The first in a series of articles on Esper’s complete refit in Thailand, originally written for Sailing Today magazine. We are reproducing the original articles on FTB complete with new photographs… Remaining on a pontoon in India for two years, despite basic servicing and upkeep, had led to some general deterioration of our boat. But for SY Esper to stand a chance of completing a passage to South Africa, she needed to be in the best possible shape. So we spent a full season planning, servicing and preparing.
Koh Phayam, a tiny island off Thailand’s Andaman coast, has long been a favourite with intrepid yachties. As we secured our anchorage at the Sun Resort on Buffalo Bay, we quickly discovered why.
It sometimes feels like there are few islands left in Thailand that haven’t been turned into tourist hotspots. Koh Phayam is still one of them, but development is fast bringing it into line with its more famous rivals. There are still no cars, no post and no hotel blocks. Hot water is a luxury and air conditioning is available in only one bungalow resort.
With visitors to Thailand being asked to show more respect while the nation mourns the passing of their King, Liz Cleere ponders on how to travel with sensitivity and understanding.
Unless you’ve been living under a rock you’ll no doubt have heard that we lost Millie overboard. In our latest vlog we cover off the story. We’ve changed things around a bit on the video front. The editing is faster and we’re trying to engage more with our viewers by answering questions and covering off topics that you might find interesting. If you have any questions about being a cruiser, or about anything else for that matter, please do send us a message and we’ll try our best to answer it in a future episode.
As Jamie and Liz sail into areas that were devastated by the 2004 Boxing Day tsunami, they consider their options should the unthinkable happen again.
How/when/why did we end up living this alternative, slightly crazy life? It will be 10 years in December. Blimey!
There were still a few more days before our Thai visas expired, so we took a slow sail south from Phang Nga bay. Ao Chalong sits on the south-eastern corner of Phuket and is the place where sailors and boats go to check in and out of Thailand.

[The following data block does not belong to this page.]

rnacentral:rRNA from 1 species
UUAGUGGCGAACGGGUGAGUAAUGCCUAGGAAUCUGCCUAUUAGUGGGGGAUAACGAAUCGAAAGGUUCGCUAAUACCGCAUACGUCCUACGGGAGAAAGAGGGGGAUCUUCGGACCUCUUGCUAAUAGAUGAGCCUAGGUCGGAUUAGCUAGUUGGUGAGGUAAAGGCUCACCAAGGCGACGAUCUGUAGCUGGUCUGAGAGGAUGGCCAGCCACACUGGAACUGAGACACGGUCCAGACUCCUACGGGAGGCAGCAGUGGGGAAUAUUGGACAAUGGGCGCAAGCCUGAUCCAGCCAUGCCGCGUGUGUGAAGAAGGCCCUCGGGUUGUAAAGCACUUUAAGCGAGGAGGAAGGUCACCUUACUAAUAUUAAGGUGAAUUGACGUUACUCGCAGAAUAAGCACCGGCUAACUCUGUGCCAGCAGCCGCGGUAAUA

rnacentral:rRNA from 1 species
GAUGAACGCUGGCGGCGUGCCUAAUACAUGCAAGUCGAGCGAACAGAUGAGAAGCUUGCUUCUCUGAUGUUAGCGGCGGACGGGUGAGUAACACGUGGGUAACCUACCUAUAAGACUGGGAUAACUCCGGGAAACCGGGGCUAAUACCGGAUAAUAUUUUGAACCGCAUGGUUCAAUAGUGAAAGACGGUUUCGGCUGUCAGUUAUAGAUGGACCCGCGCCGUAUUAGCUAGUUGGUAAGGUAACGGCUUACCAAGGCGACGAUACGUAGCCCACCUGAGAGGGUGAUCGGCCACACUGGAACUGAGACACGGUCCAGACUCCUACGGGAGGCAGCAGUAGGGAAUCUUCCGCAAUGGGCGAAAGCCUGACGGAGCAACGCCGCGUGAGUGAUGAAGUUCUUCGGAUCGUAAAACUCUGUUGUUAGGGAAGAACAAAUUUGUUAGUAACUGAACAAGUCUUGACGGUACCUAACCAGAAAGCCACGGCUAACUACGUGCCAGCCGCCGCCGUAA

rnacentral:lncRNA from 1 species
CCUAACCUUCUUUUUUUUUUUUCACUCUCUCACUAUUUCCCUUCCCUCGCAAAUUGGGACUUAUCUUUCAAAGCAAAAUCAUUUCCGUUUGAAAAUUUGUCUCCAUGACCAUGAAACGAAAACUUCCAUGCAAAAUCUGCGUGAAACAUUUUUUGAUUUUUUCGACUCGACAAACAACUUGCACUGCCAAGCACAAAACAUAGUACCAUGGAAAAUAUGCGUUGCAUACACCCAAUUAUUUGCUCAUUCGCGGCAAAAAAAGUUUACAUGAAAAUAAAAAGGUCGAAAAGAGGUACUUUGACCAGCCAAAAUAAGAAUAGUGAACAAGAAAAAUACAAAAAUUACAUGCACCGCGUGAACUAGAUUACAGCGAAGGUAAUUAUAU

Just as we left Langkawi Liz had a call from her brother to say their mum, who was diagnosed with Parkinsons ten years ago, wasn’t doing very well. So Liz helped Jamie take SY Esper a couple of hundred miles north to Ao Chalong before jumping on a plane back to the UK. This could be our last sail together for a long time, so we needed to make it count.
We undertook a complete refit of SY Esper in 2014. We were told it would take three months, BUT we knew it would probably be six months. Pretty soon nine months seemed optimistic, then as we kept adding new jobs we reached a year! In February 2015 we left PSS Shipyard with what was almost a brand new boat. Here’s the whole refit squished down to a couple of minutes.
Apart from the deep joy of discovering that our engine has seized, it feels like some kind of nautical episode of ‘Back to the Future’ here on SY Esper
Our regular Sailing Log Diary on YouTube–which out of necessity runs a few months behind real time–shows Jamie sailing alone in Thailand with Liz back in the UK looking after her ailing mum. And yet, right now, Liz has just returned from her >second visit home to tend to Dottie while Jamie has been solo-sailing in Thailand.
In the words of Shirley Bassey and the Propellerheads , “…it’s all just a little bit of history repeating…”
Jamie didn’t like the darkening skies, so he took a look at the forecast to discover some big weather coming in from the west. Fishing vessels, large and small, arrived from deeper water, dropping noisy anchor chain and crowding into the anchorage behind Ko Tarutao’s high hills. He told the others to prepare themselves for some potential big winds.
We made our run down the east side of imposing Tarutao, one of Thailand’s largest islands and the country’s first national marine park. Once a penal colony, it was the perfect place to cast away undesirables. With its unforgiving tropical rainforest, strong tidal currents and fierce salt-water crocodiles escape would have been impossible.
We arrived back at beautiful Ko Rok, the same point where we had broken the passage on our way north from Langkawi. It was as serene and scenic as we remembered and this time we were able to quickly find our old mooring buoy and get settled for the night. Within minutes Liz had the fishing line over the side…
While the boys played in 15 metres of water for 45 minutes, following fish, admiring the coral, playing with an eel and finding their lost equipment, Alicia and Liz stayed on the beach. The silk-smooth white sand only appears at low tide and they wanted to make the most of it.
We started to look on the bright side. We were insured. We were floating. The Portabote–swinging from the new davits–had taken most of the impact, acting like a large fender. If we had been hit anywhere other than the stern, Esper could have just started her life as Phi Phi Don’s new wreck dive.
When the first murmurings of this year’s SW monsoon came rumbling in, we cancelled our plans to meet friends in town and stayed aboard. Squadrons of clouds hurled lightning across the sky at each other for two days, while we sheltered in the cockpit and collected rainwater in buckets.
Next time you turn the tap on for a glass of water, to have a bath or make a coffee, enjoy the ease of that simple act. In our latest episode we explain why it can take us over two hours to do the same.
Checking in is easy in Ao Chalong, with harbour master, customs and immigration in three rooms next to each other. The whole process took 15 minutes, considerably faster than finding water.